Ever since the original smartphone was invented – yes, the one the size of a suitcase – all further iterations focused on the predictable path towards a smaller, lighter mobile phone. The original iPhone was bigger than some other “touchscreen” phones on the market at the time, but only because that’s the smallest Apple could make it without introducing a stylus. And ever since, Apple worked hard to continue the historical trend of making phones thinner and lighter.
But then something happened – Samsung et al began releasing larger phones. Samsung went from a 4-inch display to a 4.3-inch, 4.5-inch, and finally 4.8-inch display in their Galaxy lineup. Of course, that’s great for people with larger hands! But larger hands were not the reason for the bigger screens; if they were, where are the smaller versions of Galaxy S3 for customers with regular and smaller hands? No, the reason was technical – the larger the screen, the more space there is behind it for battery, cameras, and chips. By enlarging the displays, Samsung et al were able to make the phones thinner and the battery bigger (now 30-40% bigger than iPhone’s) while simultaneously saving money and time on research and development of smaller components. LTE is power-hungry and miniaturization isn’t cheap or easy.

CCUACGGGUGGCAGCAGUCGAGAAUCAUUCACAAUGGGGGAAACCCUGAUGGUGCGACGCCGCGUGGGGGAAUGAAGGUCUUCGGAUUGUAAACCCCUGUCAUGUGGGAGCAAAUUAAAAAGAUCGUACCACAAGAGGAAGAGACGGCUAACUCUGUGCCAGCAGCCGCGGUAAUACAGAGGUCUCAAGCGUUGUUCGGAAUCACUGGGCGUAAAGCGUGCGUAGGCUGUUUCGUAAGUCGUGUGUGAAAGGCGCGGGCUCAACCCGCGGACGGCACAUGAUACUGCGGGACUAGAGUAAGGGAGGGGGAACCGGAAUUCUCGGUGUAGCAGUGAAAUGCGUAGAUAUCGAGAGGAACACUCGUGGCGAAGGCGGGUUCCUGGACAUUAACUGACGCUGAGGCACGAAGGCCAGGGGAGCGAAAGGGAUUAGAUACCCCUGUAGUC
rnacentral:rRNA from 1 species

Enter iPhone 5. The fact that it has a better (claimed) battery life compared to the previous iPhone while increasing screen size and performance and adding LTE means that Apple poured a lot of money into miniaturization and integration (smaller CPU, combining CDMA and LTE chips, etc.) to avoid having the need for a bigger battery. This allowed Apple to break away from the new and unhistorical trend of making phone screens gigantic.
|Screen Size||Thickness||Weight||Battery Capacity|
|iPhone 5||4 in||7.6 mm||3.95 ounces (112 grams)||5.45 Whr|
|Galaxy S3||4.8 in||8.6 mm||4.69 ounces (133 grams)||7.98 Whr|
|Lumia 920||4.5 in||10.7 mm||6.53 ounces (185 grams)||7.4 Whr|
As a result, the phone is faster, thinner, and lighter than the previous model without using any plastic or increasing battery capacity.
In that sense, iPhone 5 is clearly one thing – a rebel.